· Props – what needs to be found/hired
The brief will develop over time, but it provides all sides with a written starting-point and should be on hand at every photo shoot.
Costing the project
Once you have a clear plan in place, there is still quite a lot of work to be done, the first of which is, of course, setting the budget. I usually maintain a spreadsheet for each photography project, simply because the number of elements can be high.
Costs you need to consider:
- Your time (if you are in a PR agency) – to manage the project and attend each shoot
- Photographer’s time – preparation time and each shoot – agree an amount of time per photoshoot in advance (eg half a day)
- Photographer’s materials – these days, they usually shoot on digital not print cameras, but even so, they will usually charge per CD of images, or to put your images on a private web site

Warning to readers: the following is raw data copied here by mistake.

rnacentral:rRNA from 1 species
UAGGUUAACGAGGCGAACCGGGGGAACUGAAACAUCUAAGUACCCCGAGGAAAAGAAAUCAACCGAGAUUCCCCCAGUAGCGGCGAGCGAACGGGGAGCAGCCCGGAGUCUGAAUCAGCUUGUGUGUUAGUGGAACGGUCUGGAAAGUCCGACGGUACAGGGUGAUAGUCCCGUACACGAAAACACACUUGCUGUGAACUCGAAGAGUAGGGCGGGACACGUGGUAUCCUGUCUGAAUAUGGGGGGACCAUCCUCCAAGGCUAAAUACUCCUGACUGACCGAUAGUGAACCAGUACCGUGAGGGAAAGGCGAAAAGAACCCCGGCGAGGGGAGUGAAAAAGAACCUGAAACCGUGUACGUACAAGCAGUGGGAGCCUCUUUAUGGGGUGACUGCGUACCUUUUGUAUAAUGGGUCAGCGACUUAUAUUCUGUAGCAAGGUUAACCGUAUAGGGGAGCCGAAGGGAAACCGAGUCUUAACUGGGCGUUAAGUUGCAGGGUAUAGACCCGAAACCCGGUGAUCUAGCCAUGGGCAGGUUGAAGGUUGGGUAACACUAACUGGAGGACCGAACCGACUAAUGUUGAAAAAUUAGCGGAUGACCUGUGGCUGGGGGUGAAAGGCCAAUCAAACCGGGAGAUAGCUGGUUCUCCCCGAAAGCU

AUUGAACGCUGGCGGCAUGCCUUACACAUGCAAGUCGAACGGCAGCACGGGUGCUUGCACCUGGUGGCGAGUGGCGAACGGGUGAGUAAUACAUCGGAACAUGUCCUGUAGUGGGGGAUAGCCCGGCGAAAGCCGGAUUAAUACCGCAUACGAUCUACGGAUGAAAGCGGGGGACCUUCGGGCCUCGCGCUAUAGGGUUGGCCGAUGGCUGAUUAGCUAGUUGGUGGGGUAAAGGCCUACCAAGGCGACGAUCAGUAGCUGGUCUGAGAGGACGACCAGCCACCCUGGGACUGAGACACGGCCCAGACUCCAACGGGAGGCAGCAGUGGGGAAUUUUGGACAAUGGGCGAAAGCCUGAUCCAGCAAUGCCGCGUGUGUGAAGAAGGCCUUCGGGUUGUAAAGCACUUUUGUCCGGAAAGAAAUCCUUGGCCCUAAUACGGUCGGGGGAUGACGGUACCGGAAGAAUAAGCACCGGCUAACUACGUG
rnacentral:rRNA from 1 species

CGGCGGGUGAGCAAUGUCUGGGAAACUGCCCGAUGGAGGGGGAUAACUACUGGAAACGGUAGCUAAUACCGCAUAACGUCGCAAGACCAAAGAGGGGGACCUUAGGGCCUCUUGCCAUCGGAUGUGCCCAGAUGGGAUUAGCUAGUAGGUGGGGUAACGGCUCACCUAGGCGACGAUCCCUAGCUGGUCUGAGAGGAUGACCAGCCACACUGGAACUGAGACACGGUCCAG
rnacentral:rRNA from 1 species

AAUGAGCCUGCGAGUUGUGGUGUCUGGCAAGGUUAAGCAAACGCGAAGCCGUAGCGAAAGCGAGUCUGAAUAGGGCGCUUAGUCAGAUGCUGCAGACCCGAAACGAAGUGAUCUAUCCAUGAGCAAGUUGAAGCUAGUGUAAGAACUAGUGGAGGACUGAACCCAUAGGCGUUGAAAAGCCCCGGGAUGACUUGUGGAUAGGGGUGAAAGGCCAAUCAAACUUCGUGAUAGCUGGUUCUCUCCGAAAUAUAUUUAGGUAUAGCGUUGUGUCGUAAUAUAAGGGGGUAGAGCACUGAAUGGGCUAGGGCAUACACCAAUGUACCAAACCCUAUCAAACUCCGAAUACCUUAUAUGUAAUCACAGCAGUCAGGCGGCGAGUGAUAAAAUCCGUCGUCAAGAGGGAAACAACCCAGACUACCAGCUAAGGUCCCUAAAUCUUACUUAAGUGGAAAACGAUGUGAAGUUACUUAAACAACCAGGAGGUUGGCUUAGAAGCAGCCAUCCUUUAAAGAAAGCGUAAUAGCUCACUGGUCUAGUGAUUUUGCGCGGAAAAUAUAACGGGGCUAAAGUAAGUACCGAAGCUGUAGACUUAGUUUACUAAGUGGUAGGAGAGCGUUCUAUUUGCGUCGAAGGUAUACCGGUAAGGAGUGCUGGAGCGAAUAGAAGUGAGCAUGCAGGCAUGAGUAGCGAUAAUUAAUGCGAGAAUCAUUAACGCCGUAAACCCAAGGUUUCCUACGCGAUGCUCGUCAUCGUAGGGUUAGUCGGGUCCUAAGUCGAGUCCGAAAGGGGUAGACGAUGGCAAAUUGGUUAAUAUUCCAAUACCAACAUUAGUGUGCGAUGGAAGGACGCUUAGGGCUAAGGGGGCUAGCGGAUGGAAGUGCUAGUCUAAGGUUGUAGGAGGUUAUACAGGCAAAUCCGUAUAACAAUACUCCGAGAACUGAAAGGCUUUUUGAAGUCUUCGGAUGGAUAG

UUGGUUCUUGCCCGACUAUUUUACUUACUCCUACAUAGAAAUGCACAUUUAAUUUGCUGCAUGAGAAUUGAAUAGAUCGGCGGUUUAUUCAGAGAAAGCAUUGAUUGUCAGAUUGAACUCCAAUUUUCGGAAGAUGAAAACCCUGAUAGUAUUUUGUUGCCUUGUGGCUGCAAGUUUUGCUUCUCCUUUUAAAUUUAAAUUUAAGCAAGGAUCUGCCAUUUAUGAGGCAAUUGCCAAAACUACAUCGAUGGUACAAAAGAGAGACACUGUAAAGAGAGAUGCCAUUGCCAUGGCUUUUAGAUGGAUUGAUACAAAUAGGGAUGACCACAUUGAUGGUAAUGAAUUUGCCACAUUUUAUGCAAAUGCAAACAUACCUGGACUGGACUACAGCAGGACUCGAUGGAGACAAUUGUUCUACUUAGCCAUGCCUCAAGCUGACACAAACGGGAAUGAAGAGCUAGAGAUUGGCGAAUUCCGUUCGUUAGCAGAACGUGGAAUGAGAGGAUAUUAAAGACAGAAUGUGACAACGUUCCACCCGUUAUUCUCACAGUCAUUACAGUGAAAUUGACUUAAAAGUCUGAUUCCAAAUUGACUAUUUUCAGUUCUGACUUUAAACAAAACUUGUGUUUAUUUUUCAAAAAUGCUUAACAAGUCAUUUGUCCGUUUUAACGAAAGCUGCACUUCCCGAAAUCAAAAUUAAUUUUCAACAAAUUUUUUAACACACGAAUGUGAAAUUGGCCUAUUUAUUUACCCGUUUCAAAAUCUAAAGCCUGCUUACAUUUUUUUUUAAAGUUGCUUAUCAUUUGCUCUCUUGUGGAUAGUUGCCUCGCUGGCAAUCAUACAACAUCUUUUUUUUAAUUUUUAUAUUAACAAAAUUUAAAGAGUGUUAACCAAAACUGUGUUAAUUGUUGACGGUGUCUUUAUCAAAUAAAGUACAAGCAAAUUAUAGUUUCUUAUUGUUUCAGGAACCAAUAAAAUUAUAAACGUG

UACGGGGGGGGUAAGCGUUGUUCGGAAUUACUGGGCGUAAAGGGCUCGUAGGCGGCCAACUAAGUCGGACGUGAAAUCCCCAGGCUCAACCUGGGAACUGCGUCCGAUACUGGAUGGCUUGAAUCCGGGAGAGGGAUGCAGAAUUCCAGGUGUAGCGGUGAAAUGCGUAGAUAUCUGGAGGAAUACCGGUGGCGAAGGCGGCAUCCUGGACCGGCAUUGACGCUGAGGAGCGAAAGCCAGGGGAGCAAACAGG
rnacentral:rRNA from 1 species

- Location costs – if applicable
- Model costs – if applicable
- Props – if applicable
- Distribution costs (if you are sending out print photography)
It is often possible to find free locations, but you may need to resort to paying for some or at least making a contribution. For instance, I have used cafes and bars for free, while others have asked for a small amount of money.
The important thing is to remember to ask permission first. Some venues, such at train stations and airports, have very strict rules on photography, although in some instances, they will agree access in advance, usually involving lots of paperwork and sometimes a fee.
Models are another issue to consider. On the one hand, you do not want glossy starlets who are obviously models, because it undermines the credibility of the image. On the other hand, you do not want to waste half a day’s shoot using, for instance, members of your own team, who are camera-shy and manage to look awkward and close their eyes in every shot!